https://static-content.springer.com/image/art%3A10.1007%2Fs00338-008-0375-6/MediaObjects/338_2008_375_Fig2_HTML.gif
Fig. 2

Effect of seawater acidification on the growth rate of nubbins of Stylophora pistillata. Growth rates (G) were measured after 8 days of incubation in bicarbonate-ambient (BA, 2 mM) and bicarbonate-enriched (BE, 4 mM) at 3 different pH: 7.6, 8.0, and 8.2 (means ± SE)

https://static-content.springer.com/image/art%3A10.1007%2Fs00338-008-0375-6/MediaObjects/338_2008_375_Fig3_HTML.gif
Fig. 3

Growth rate (G) of nubbins of Stylophora pistillata as a function of (a) HCO3, (b) dissolved CO2, (c) pH, (d) CO32−, (e) Ω, and (f) β (means ± SE). Experiments were carried out in bicarbonate-ambient (black symbols) or bicarbonate-enriched (white symbols) seawater

Table 2

Statistical models testing the shape and significance of the relationships of growth (G) to water parameters and their interactions (as shown in Fig. 3)

Relationship

Equation

R2

G versus CO2 concentrations

Bicarbonate-ambient

y = −0.204 x + 21.69

0.89 (P = 0.006)

Bicarbonate-enriched

y = −0.133 x + 27.48

0.99 (P = <0.001)

G versus pH

  

Bicarbonate-ambient

y = 10.071 x − 62.10

0.94 (P = 0.003)

Bicarbonate-enriched

y = 10.893 x − 63.55

0.96 (P = <0.001)

G versus CO3 concentrations

All points

y = 5.744 ln(x) − 11.64

0.87 (P < 0.001)

G versus Ω

All points

y = 5.739 ln(x) − 12.28

0.87 (P < 0.001)

G versus β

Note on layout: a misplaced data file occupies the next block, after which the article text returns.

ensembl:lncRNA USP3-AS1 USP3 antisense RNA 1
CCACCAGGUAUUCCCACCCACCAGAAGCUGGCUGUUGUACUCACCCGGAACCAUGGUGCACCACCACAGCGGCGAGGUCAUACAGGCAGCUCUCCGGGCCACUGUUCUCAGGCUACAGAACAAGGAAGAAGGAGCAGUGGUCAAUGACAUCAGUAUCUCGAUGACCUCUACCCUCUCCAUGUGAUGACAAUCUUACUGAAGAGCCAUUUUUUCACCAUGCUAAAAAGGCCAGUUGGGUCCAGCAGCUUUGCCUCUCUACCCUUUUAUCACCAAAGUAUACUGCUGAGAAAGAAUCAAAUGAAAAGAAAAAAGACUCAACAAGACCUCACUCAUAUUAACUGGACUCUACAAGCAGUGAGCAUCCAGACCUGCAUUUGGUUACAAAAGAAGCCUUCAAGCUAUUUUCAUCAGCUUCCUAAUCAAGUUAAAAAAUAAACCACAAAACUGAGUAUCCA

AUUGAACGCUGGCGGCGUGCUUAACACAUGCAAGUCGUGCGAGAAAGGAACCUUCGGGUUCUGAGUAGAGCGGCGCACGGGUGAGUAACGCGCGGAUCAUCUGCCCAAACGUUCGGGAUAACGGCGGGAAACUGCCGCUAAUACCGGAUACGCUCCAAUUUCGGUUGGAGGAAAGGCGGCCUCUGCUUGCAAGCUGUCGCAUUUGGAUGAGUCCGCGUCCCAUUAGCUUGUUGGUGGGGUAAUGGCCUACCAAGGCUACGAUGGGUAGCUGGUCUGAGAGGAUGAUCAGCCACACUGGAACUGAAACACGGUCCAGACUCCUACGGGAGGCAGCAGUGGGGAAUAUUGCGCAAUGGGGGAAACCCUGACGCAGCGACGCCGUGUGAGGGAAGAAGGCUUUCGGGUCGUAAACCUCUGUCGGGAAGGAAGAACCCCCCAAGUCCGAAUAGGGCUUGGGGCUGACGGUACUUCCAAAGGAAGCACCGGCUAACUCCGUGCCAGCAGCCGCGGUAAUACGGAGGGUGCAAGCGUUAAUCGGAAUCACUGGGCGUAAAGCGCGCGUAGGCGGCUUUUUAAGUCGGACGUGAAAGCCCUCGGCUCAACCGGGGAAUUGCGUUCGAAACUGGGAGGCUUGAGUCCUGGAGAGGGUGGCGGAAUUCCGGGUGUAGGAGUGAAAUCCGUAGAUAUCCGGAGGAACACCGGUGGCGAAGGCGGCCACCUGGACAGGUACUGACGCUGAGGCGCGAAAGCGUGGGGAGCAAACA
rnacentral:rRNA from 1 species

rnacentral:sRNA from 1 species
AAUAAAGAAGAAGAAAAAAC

Bicarbonate-ambient

y = −5.381 ln(x) − 29.05

0.96 (P = 0.002)

Bicarbonate-enriched

y = −6.122 ln(x) − 26.92

0.98 (P = 0.001)

Discussion

The present study investigated the medium term (1-week incubation) effect of seawater acidification on calcification and photosynthesis of the branched coral, S. pistillata. Since acidification alters DIC equilibrium, experiments were performed at normal and double concentrations of [HCO3] to discriminate between a pH or Ω (or CO32−) effect on calcification.

Effect of DIC concentration on photosynthesis

The results show that the addition of 2-mM bicarbonate in the medium doubled the photosynthesis in S. pistillata, suggesting carbon-limited conditions in this experiment. This is in agreement with the observations of Weis (1993), who demonstrated a bell-shape dependence of the net photosynthetic rate for the sea anemone Aiptasia pulchella on DIC concentrations, with maximal rates obtained at ca. 5-mM DIC. A similar carbon-limitation has also been shown for the corals Porites porites and Acropora sp. with an optimal concentration of 6-mM DIC (Herfort et al. 2008). Flow experiments or stable isotope measurements using corals have also suggested carbon-limitation for photosynthesis (Dennison and Barnes 1988; Muscatine et al. 1989; Lesser et al. 1994; Kühl et al. 1995), but these findings contrast with numerous other observations. Burris et al. (1983) and Schneider and Erez (2006) failed to enhance the rates of photosynthesis of S. pistillata and Acropora eurystoma by the addition of bicarbonate, up to concentrations of ca. 4.3 and 2.7 mM, respectively. Goiran et al. (1996) also demonstrated that the photosynthesis of Galaxea fascicularis was saturated at around 1.5-mM bicarbonate, either at constant pH or pCO2. Finally, zooxanthellae photosynthesis did not change with a change in CO2 and pH (Leclercq et al. 2002; Langdon et al. 2003). The differences in these studies may be a consequence of the different incubation lengths used. Indeed, all the experiments on corals showing no DIC enhancement of photosynthesis were conducted on a rather short time scale (generally a few hours), while in the present experiment, corals were maintained for more than 1 week in the enriched DIC medium. The longer term increased availability of the substrate may have led to an up-regulation of either carbon transport mechanisms or of the photosynthetic system.